Avia B-534 was an excellent machine, and its only fault was that it was not replaced in time. It was used by many air forces well into the war. The last biplane kill of WW2 was scored by F. Cyprich flying an Avia B-534 on September 2, 1944. This was in the Slovak uprising, and the plane shot down was a German Ju 52/3m in the area of Radvan.
The Letov factory continued with their successful line started by the Letov S-1 biplane. This light bomber had a wooden airframe with canvas cover. The 1926 S-16 model is among the best of Smolik's designs. This biplane was used by lieutenant-colonel Skala and engineer Taufr for their long distance flight to Japan. The most modern of Smolik's design was a full-metal two engine bomber S-50. It was also seized by the Nazis.
The Aero company also started with biplanes. The very first Aero design, the Ae-02 fighter, was a success. It was followed by a reconnaissance biplane A-12, and a very interesting high-wing bomber A-42. The 1930 design was the most modern Czech bomber of the day. Due to some of its faults and the lack of understanding in the military administration, this plane stayed a prototype. Aero also attempted a fighter monoplane A-102, but this project was abandoned when Avia came up with a more modern design (B-35). Aero produced the most modern Czech pre-war bombers (with the exception of Avia's licensed production of the Soviet SB-2 bomber). These bombers were Aero A-300 and A-304. They too were captured by the Nazis.
These lines create the impression that the Czechoslovak aviation industry only consisted of Avia, Letov and Aero. In reality, there were other companies such as Praga, Tatra, Zlin, Benes-Mraz, as well as designers including Jaroslav Slechta, Karel Tomas, Frantisek Novotny, Robert Nebesar and Jaroslav Lonek.
The Czechoslovak air force and aviation industry played a distinguished role between the wars. It was not the fault of Czech pilots or their machines that they never got the chance to stand up to the enemy.
Although Czechoslovakia was taken without a fight, we can say proudly that Czech pilots did a good job during the war. They started leaving the country in 1939 to oppose Germany abroad. They went to Poland, Yugoslavia and France. After the war started, they were at all fronts, in all kinds of uniforms and airplanes, helping to stop the attacker.
They saw their first great victory in the Battle of Britain, where they were among the best. Pilots in the 311th Czechoslovak Bomber Squadron performed night bombings over enemy territory.
Following an agreement between the Czechoslovak government in London and the Soviet Union, some Czech pilots went to the Eastern front. They formed the first Czechoslovak Fighter Regiment, whose members were the first Czechoslovak exile soldiers to enter the liberated Czechoslovak soil. This was during the Slovak uprising. The group of pilots from the West was joined by Czechs living in the Soviet Union and deserters from the Slovak fascist army. The regiment was then expanded to a combined division flying both fighters and attack aircraft. A bomber regiment was planned, but was not formed by the end of the war.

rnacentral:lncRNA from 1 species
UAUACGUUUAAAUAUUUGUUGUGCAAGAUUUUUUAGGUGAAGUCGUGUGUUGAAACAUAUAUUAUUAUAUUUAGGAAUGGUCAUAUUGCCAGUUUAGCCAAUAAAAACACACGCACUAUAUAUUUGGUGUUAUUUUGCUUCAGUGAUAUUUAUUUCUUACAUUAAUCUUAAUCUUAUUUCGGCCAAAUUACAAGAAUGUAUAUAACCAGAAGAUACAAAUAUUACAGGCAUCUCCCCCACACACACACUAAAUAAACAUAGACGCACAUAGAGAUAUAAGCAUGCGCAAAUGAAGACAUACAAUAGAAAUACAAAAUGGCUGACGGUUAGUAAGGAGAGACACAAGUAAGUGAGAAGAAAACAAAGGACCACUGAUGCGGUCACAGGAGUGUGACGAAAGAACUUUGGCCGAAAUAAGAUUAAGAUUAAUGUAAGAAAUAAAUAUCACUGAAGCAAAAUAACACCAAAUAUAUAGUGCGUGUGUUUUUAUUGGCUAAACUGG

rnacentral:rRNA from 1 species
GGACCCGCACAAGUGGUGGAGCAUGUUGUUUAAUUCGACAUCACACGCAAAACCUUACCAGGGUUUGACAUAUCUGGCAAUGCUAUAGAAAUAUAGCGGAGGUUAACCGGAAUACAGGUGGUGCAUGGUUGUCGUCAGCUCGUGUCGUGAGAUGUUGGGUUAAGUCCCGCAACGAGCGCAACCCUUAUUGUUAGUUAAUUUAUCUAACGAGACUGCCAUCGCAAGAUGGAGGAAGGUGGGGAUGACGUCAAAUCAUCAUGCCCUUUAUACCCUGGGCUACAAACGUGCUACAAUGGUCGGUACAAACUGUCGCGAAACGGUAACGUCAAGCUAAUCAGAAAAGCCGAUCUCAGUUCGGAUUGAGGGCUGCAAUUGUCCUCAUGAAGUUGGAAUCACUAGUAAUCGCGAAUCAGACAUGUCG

In the meantime, the Czechs at the western front kept fighting the Luftwaffe. They patrolled the Atlantic, destroyed the V1 missiles and took part in the invasion of Normandy.
There is no exaggeration in saying that while nobody knew about Czech pilots in 1918, they were among the best in the world in 1945.
In 1945, the Czech pilots returned home with their Spitfires and Lavochkins used in the war. These machines became the standard fighters in the first post-war years. There were also some planes left behind by the Luftwaffe. New planes were delivered by Avia. During the war, the company produced Messerchmitts Bf-109 for the Reich. The natural thing to do was continue with this production. There were, however, no original engines for the Bf-109 in the country. That's why the engine was replaced by a heavier and more powerful type, which was plentiful. The plane was too nose heavy and the engine was overpowered for the design. The Avia designers did their best to improve the qualities of the plane, but this was only partly successful. The result was called Avia S-199, and its two-seater version was CS-199. The pilots called it "mezek" - a short form of Messerschmitt, but also the Czech expression for "the mule", due to its mule-like behavior. The plane was difficult to balance, and had a tendency to roll over during the landing (this was a problem even with the original Bf-109). If this happened, the engineers had to smash the cabin with a long pole to get the helpless pilot out. When the pilot revved up the engine during the take-off, the movement was so strong that the plane was in danger of hitting the ground with the wing. In spite of these problems, hundreds of S-199's were produced and used until 1955.